1995). But, despite all this technology, traditions die hard
in academia. It costs college students (or their parents) a lot
of money to keep these traditions alive.

A student can read a book at home or at a local city library.
He can write a term paper at home or in the library. He can take
an exam at the city library, with a librarian as a proctor to
make sure he doesn’t cheat. He doesn’t need to attend college.
But most colleges require students to attend classes on campus.
Why? Not for the students’ sake.


The vast
majority of colleges require students to attend classes on
campus. This
requirement has nothing to do with the way that
most students learn new academic material. It has everything
to do with paying off mortgages on the college’s expensive buildings.
It has everything to do with shelving $100 million worth of books
in a $50 million library building, with a full-time staff, so
that faculty members can write term papers for each other that
almost nobody will ever actually read. This is called “publish
or perish.”

Unless a student wants to major in physics, chemistry, or engineering,
any college should be able to teach him whatever he needs to
know through the Internet. This education should not cost more
than $2,000 per year for four years. And that is with no government

Even today, with very little competition among the colleges,
it need not cost more than $1,750 a year if you know where to
look. But you have to look very carefully.

So, why does it usually cost so much more? Because the colleges
want it this way.

Only a handful of colleges have adopted 100% Internet-based
B.A. degree programs. The instructors employed by a 100% Internet-based
college would have to work a lot harder than they do now. They
would have to grade a lot more papers for a lot more students.
They would not be paid $50,000 a year mainly to deliver nine
hours of lectures a week, 32 weeks a year — lectures that they
wrote 20 years ago. The only thing that keeps Internet-based
education from replacing 90% of the colleges in America is this:
the people who run the colleges have got themselves what economists
call a cartel. They don’t want to lose it.


What is a cartel? You have heard of OPEC, the cartel that controls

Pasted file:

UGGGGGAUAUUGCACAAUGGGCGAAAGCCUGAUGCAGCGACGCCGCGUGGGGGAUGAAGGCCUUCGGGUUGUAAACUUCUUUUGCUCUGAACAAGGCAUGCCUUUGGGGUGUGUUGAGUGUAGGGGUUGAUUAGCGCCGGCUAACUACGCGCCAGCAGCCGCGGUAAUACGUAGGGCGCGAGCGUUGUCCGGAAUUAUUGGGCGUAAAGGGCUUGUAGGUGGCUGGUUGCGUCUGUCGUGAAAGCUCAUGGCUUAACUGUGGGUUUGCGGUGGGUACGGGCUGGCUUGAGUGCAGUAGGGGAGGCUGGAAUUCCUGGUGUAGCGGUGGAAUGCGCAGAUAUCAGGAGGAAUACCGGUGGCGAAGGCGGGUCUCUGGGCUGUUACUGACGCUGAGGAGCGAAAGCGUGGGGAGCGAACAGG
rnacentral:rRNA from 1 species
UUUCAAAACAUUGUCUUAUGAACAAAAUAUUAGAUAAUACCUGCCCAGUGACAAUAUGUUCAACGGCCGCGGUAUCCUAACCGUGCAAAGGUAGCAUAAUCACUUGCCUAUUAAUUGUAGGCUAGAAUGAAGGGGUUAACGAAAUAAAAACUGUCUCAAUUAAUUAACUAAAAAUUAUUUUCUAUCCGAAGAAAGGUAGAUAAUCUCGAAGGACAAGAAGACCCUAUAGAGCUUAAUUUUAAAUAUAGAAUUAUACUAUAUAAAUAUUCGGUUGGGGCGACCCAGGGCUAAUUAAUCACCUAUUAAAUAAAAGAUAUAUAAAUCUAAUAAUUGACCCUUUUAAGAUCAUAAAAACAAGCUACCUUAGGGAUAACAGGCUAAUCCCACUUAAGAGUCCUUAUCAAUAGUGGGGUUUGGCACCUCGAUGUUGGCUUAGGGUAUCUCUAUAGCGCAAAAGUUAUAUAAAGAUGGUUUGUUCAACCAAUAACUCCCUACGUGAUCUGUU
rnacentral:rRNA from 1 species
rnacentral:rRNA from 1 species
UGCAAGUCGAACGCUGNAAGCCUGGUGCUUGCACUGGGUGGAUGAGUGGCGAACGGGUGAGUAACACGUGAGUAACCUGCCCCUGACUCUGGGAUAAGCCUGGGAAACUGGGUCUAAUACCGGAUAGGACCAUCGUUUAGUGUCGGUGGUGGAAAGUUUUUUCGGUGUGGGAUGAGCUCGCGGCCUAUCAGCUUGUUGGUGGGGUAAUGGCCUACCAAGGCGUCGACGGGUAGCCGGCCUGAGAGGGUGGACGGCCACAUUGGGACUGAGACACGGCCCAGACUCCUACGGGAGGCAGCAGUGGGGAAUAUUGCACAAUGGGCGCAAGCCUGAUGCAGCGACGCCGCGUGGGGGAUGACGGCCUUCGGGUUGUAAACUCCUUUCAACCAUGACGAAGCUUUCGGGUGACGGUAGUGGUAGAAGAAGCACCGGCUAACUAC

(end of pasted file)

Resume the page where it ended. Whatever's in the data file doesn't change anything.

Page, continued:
the supply of oil. Its full name is the Organization of Petroleum
Exporting Countries. OPEC representatives get together and agree
to reduce their production of oil. This keeps oil prices high:
high demand, low supply.

exactly what colleges do. They have set up an academic cartel.
They keep
out new colleges — colleges that are willing
to meet consumer demand by selling educational services at a
lower price. The higher education system doesn’t allow them to
do this. There is a legal barrier to entry for new colleges.
It’s called “accreditation.”

Existing colleges have joined regional accrediting associations
that Ph.D.-holding bureaucrats operate. The representatives of
these colleges set the standards for accreditation. It’s kind
of like a club. I mean the kind of club that you hit people over
the head with.

organizations are not run by the government, but they depend
on state governments
to make non-accredited colleges
illegal. The legal use of the words “college” and “university” is
controlled by the states.

State governments define what constitutes a college or university
inside their own borders. Most states define a college in terms
of one criterion: it is accredited by one of the regional accrediting
associations. This pretty much freezes the number of colleges
that are legally allowed to issue accredited degrees.

Accreditation reduces the supply of degrees actually awarded.
This reduced supply of education is not based on a lack of supply
of students who are smart enough and who are willing to work
hard enough to qualify for a college degree. It’s a question
of an artificially limited supply of degree-granting institutions.

The colleges have those huge buildings, lawns to mow, employees
to pay, and all of those professors, assistant professors, and
teaching assistants with no Ph.D.’s (who do most of the work
grading papers and leading discussion sections for freshmen and
sophomore classes). This is a huge investment. If there were
true competition, 100% Internet-based colleges would bankrupt
hundreds of these schools. Most of the others would have to learn
how to compete.

As a general rule, accrediting associations only accredit schools
that invest millions of dollars in buildings. But in today’s
digital world, liberal arts instruction doesn’t require real
estate. It only requires dedicated teachers and dedicated students
who are self-motivated.

If the degree-granting system were really honest — if it were
not run by a cartel — then accredited college degrees would
be offered to any person who could pass the same exams that the
tuition-paying students also have to pass. If the student could
learn the material on his own, but pass the standardized exams,
then he would get the degree.

Accrediting associations don’t allow this. Why not? Because
it would bankrupt hundreds of colleges that are protected from
true competition by the accrediting associations. It would wipe
out the colleges’ tuition system, real estate system, and low
teaching load system.

every system, there are loopholes. Accreditation has left intact
at least seven of them. Hardly anyone knows about all
seven. One of them is off-campus learning.


A distance
learning program, i.e., an accredited program that offers an
internet college degree online, is a huge threat to the economics
of today’s campus-based system of higher education. But here